If you see a good deal online, be sure to shop for a plan here, warns health policy writer and insurance broker Louise Norris. When you search for health insurance online, you may find short-term plans that advertise much lower monthly premiums, but don’t cover the famous 10 Essential Benefits of the ACA. These include some pretty important things like prenatal care and mental health treatment.
People can sometimes find good deals on premiums in the federal and state markets, Norris says, but if a plan stands out as too good to be true, read the fine print.
“I saw some new plans come out in some areas for 2020 where they will say $0 deductible,” she says. “Then it shifts down a little bit more and you have maybe a $1,000 copay per day for hospitalization.” She hopes she doesn’t spend a lot of time in the hospital, but if she does, that kind of cost could really add up.
norris highlights a new tool this year to help distinguish good plans from bad: a star rating, similar to what consumers are used to on yelp or amazon (recalling Obama’s original vision). star ratings are based on information submitted by insurers regarding cost, combined with member feedback.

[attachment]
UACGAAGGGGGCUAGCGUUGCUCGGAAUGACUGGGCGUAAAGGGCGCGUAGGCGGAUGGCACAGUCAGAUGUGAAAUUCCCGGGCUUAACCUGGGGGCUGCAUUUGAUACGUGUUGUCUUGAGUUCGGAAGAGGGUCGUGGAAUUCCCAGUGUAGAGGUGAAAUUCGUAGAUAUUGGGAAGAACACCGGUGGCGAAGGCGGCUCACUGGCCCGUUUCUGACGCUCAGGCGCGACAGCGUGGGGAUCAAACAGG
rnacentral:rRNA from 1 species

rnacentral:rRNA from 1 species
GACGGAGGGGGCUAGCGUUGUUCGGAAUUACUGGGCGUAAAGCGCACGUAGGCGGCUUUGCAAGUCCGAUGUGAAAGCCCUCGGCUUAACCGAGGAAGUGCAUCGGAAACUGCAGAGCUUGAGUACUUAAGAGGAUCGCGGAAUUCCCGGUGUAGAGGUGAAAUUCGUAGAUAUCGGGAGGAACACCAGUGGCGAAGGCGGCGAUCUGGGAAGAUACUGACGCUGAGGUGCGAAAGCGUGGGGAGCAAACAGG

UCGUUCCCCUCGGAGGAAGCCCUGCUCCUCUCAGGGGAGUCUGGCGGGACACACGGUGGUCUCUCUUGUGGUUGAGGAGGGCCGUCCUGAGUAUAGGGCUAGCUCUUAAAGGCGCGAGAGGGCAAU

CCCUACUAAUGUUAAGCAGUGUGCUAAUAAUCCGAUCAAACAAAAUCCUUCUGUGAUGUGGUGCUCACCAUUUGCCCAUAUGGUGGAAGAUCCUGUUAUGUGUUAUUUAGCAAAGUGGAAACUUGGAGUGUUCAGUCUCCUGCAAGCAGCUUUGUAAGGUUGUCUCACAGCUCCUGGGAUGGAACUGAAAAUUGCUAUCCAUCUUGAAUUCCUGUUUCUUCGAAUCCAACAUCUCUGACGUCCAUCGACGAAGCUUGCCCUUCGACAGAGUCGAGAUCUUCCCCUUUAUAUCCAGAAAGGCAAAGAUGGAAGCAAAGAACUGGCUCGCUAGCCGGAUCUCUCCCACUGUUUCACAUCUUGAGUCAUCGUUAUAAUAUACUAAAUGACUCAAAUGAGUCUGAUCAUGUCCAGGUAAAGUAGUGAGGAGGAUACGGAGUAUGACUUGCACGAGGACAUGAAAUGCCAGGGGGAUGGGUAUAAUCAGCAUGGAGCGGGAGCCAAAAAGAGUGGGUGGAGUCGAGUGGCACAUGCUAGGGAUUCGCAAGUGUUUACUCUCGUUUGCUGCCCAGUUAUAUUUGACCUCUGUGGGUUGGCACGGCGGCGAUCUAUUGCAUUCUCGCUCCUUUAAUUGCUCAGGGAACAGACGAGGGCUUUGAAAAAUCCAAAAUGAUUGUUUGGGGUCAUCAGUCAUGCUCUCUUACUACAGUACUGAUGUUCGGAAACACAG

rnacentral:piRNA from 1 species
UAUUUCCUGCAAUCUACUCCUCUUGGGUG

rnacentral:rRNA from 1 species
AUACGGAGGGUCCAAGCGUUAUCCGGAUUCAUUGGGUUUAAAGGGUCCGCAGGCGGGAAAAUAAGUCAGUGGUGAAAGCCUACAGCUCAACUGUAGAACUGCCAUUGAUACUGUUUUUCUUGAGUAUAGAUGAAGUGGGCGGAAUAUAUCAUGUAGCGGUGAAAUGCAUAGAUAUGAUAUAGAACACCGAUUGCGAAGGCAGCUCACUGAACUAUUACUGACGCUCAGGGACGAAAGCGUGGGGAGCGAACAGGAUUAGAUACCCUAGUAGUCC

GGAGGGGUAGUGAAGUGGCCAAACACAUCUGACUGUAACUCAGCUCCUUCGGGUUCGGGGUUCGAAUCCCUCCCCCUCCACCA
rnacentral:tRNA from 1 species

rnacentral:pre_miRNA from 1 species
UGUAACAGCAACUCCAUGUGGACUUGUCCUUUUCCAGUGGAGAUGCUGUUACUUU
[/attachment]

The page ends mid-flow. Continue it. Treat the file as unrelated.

“star ratings are one of those at-a-glance things where you can see, ‘OK, how do other customers feel about this plan?’ Norris says. Not all plans have them, as some are new, he says, but for plans that do, the stars “give you some red flags if maybe there are some concerns.”
6 – get free help from professionals
The trump administration cut federal funding to advertise open enrollment and the navigator program, but those programs still exist: there are still people across the country trained and ready to enroll people, for free.
“My best advice to people, especially those who are less familiar with insurance, is to see if you can get help,” says wong. she can call for help, but she recommends trying to meet in person with “a health insurance navigator or certified application counselor,” she says. “Most importantly, these are people who are unbiased about which health insurance plan may be best for you.”
katie turner is one of those skilled navigators: she’s been enrolling people for seven years and works with the family health care foundation in the tampa bay area, fla. Prior to open enrollment, she has been busy calling consumers for the past few years, letting them know that now is the time.
advises people to gather all necessary documents, such as social security cards, immigration paperwork, tax returns, before meeting with a navigator.
Above all, he says, don’t miss out on signing up for coverage if you need it.
“There’s a lot of confusion,” Turner says. Many people are confused about what a legal challenge to the law means for markets (nothing for now), when is open enrollment, and more. “All we can do,” says Turner, “is continue to be here and provide the resources that we’ve been providing for the last seven years to help people sign up for coverage.”